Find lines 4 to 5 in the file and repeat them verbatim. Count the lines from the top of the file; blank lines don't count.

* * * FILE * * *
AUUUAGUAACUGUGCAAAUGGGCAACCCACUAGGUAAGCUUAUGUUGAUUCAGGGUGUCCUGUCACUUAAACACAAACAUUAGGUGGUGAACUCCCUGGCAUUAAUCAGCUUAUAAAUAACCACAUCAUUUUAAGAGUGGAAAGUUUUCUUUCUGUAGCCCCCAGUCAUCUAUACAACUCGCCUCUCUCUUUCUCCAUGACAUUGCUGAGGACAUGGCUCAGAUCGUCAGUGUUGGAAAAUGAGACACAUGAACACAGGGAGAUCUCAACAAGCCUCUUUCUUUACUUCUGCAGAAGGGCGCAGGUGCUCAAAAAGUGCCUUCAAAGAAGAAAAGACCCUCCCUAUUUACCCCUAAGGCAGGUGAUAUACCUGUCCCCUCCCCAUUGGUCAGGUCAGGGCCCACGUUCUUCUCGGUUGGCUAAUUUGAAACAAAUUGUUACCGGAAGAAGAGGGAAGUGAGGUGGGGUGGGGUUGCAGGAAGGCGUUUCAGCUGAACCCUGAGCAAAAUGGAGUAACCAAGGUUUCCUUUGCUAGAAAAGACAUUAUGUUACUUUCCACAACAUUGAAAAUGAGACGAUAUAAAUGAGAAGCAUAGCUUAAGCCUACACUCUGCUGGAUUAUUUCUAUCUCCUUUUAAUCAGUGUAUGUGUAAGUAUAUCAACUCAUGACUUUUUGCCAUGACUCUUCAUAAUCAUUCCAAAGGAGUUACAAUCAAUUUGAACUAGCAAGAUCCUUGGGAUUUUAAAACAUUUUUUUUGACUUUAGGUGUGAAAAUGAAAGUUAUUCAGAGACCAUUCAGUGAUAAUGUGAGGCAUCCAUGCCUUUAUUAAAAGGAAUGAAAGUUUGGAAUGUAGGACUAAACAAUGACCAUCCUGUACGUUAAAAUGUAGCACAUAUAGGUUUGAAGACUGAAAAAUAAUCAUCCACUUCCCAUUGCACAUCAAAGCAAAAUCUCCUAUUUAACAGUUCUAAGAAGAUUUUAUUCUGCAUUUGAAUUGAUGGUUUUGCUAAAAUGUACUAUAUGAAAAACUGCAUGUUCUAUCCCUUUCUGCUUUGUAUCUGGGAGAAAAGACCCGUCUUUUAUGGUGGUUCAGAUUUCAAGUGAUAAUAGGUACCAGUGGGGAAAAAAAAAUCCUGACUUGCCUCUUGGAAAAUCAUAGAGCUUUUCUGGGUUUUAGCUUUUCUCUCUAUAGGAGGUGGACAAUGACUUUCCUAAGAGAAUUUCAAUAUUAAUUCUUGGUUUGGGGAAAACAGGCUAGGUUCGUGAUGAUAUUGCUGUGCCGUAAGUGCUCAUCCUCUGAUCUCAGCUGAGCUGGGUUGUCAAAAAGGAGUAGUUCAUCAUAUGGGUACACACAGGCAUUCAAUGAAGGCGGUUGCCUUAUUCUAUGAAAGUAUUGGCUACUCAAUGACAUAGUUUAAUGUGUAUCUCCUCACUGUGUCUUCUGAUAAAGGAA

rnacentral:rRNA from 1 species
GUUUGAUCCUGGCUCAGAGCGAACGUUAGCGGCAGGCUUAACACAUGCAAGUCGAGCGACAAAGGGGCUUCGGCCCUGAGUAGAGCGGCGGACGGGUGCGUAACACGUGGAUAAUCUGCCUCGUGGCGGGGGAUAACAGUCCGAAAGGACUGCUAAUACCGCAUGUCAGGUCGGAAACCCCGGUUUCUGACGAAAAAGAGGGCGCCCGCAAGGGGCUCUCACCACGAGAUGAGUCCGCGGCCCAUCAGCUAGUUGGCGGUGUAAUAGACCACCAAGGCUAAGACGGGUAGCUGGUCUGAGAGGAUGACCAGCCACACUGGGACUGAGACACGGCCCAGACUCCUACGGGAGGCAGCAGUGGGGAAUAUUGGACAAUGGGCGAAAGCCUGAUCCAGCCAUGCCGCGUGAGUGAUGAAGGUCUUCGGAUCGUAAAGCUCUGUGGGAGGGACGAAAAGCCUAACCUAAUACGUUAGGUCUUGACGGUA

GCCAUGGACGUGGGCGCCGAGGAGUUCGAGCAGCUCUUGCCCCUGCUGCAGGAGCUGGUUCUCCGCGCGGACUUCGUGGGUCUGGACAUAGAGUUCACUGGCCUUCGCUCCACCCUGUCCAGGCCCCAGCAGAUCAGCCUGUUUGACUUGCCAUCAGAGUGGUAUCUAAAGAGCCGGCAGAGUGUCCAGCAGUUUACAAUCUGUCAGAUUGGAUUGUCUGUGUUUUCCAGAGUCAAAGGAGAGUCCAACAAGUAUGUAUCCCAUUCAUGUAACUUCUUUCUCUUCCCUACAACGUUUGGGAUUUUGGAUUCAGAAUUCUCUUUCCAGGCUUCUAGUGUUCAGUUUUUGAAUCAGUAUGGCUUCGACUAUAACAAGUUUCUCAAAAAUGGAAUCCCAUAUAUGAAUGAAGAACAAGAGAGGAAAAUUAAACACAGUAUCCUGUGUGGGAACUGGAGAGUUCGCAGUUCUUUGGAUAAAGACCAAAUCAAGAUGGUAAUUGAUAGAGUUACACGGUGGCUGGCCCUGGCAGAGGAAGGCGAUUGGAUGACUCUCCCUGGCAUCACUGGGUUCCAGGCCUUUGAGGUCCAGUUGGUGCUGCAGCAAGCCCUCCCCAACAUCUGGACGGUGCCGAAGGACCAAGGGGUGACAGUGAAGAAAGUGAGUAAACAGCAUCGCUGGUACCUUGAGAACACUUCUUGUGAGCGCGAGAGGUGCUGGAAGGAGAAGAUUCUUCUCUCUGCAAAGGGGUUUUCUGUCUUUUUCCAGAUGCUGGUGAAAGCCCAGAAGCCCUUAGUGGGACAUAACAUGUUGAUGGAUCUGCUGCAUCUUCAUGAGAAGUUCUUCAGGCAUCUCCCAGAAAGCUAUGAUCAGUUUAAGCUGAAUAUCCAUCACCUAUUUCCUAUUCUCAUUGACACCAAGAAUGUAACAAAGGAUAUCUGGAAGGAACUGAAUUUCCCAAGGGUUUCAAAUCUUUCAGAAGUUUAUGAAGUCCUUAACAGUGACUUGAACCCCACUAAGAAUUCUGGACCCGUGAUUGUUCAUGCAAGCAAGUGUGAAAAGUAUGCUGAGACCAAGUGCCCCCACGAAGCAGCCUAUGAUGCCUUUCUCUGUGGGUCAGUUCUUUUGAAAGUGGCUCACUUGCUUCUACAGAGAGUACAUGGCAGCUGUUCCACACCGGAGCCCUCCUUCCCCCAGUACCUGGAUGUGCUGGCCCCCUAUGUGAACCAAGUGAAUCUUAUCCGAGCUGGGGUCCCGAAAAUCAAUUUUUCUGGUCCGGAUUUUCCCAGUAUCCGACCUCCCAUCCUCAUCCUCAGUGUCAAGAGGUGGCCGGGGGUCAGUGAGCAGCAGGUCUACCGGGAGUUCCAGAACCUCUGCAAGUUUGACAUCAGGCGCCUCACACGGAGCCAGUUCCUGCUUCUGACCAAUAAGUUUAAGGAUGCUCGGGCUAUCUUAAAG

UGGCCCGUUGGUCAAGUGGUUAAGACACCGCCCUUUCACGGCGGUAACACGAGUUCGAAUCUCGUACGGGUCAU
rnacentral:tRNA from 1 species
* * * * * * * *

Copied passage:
GCCAUGGACGUGGGCGCCGAGGAGUUCGAGCAGCUCUUGCCCCUGCUGCAGGAGCUGGUUCUCCGCGCGGACUUCGUGGGUCUGGACAUAGAGUUCACUGGCCUUCGCUCCACCCUGUCCAGGCCCCAGCAGAUCAGCCUGUUUGACUUGCCAUCAGAGUGGUAUCUAAAGAGCCGGCAGAGUGUCCAGCAGUUUACAAUCUGUCAGAUUGGAUUGUCUGUGUUUUCCAGAGUCAAAGGAGAGUCCAACAAGUAUGUAUCCCAUUCAUGUAACUUCUUUCUCUUCCCUACAACGUUUGGGAUUUUGGAUUCAGAAUUCUCUUUCCAGGCUUCUAGUGUUCAGUUUUUGAAUCAGUAUGGCUUCGACUAUAACAAGUUUCUCAAAAAUGGAAUCCCAUAUAUGAAUGAAGAACAAGAGAGGAAAAUUAAACACAGUAUCCUGUGUGGGAACUGGAGAGUUCGCAGUUCUUUGGAUAAAGACCAAAUCAAGAUGGUAAUUGAUAGAGUUACACGGUGGCUGGCCCUGGCAGAGGAAGGCGAUUGGAUGACUCUCCCUGGCAUCACUGGGUUCCAGGCCUUUGAGGUCCAGUUGGUGCUGCAGCAAGCCCUCCCCAACAUCUGGACGGUGCCGAAGGACCAAGGGGUGACAGUGAAGAAAGUGAGUAAACAGCAUCGCUGGUACCUUGAGAACACUUCUUGUGAGCGCGAGAGGUGCUGGAAGGAGAAGAUUCUUCUCUCUGCAAAGGGGUUUUCUGUCUUUUUCCAGAUGCUGGUGAAAGCCCAGAAGCCCUUAGUGGGACAUAACAUGUUGAUGGAUCUGCUGCAUCUUCAUGAGAAGUUCUUCAGGCAUCUCCCAGAAAGCUAUGAUCAGUUUAAGCUGAAUAUCCAUCACCUAUUUCCUAUUCUCAUUGACACCAAGAAUGUAACAAAGGAUAUCUGGAAGGAACUGAAUUUCCCAAGGGUUUCAAAUCUUUCAGAAGUUUAUGAAGUCCUUAACAGUGACUUGAACCCCACUAAGAAUUCUGGACCCGUGAUUGUUCAUGCAAGCAAGUGUGAAAAGUAUGCUGAGACCAAGUGCCCCCACGAAGCAGCCUAUGAUGCCUUUCUCUGUGGGUCAGUUCUUUUGAAAGUGGCUCACUUGCUUCUACAGAGAGUACAUGGCAGCUGUUCCACACCGGAGCCCUCCUUCCCCCAGUACCUGGAUGUGCUGGCCCCCUAUGUGAACCAAGUGAAUCUUAUCCGAGCUGGGGUCCCGAAAAUCAAUUUUUCUGGUCCGGAUUUUCCCAGUAUCCGACCUCCCAUCCUCAUCCUCAGUGUCAAGAGGUGGCCGGGGGUCAGUGAGCAGCAGGUCUACCGGGAGUUCCAGAACCUCUGCAAGUUUGACAUCAGGCGCCUCACACGGAGCCAGUUCCUGCUUCUGACCAAUAAGUUUAAGGAUGCUCGGGCUAUCUUAAAG

UGGCCCGUUGGUCAAGUGGUUAAGACACCGCCCUUUCACGGCGGUAACACGAGUUCGAAUCUCGUACGGGUCAU